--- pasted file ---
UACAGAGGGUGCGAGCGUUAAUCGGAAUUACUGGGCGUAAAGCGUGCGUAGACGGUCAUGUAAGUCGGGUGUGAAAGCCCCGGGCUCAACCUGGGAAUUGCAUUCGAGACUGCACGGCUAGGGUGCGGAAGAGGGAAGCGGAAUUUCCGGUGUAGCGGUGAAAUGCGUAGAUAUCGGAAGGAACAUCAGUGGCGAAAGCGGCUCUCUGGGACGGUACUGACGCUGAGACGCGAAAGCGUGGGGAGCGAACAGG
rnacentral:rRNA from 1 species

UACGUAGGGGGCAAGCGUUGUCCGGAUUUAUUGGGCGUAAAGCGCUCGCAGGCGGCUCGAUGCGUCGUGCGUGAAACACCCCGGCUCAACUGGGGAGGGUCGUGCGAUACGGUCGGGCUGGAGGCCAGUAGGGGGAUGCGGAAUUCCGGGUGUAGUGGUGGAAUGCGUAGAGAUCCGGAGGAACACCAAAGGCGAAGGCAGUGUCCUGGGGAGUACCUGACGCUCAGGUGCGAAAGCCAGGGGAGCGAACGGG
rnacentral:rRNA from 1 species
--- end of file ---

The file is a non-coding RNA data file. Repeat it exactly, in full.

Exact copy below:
UACAGAGGGUGCGAGCGUUAAUCGGAAUUACUGGGCGUAAAGCGUGCGUAGACGGUCAUGUAAGUCGGGUGUGAAAGCCCCGGGCUCAACCUGGGAAUUGCAUUCGAGACUGCACGGCUAGGGUGCGGAAGAGGGAAGCGGAAUUUCCGGUGUAGCGGUGAAAUGCGUAGAUAUCGGAAGGAACAUCAGUGGCGAAAGCGGCUCUCUGGGACGGUACUGACGCUGAGACGCGAAAGCGUGGGGAGCGAACAGG
rnacentral:rRNA from 1 species

UACGUAGGGGGCAAGCGUUGUCCGGAUUUAUUGGGCGUAAAGCGCUCGCAGGCGGCUCGAUGCGUCGUGCGUGAAACACCCCGGCUCAACUGGGGAGGGUCGUGCGAUACGGUCGGGCUGGAGGCCAGUAGGGGGAUGCGGAAUUCCGGGUGUAGUGGUGGAAUGCGUAGAGAUCCGGAGGAACACCAAAGGCGAAGGCAGUGUCCUGGGGAGUACCUGACGCUCAGGUGCGAAAGCCAGGGGAGCGAACGGG
rnacentral:rRNA from 1 species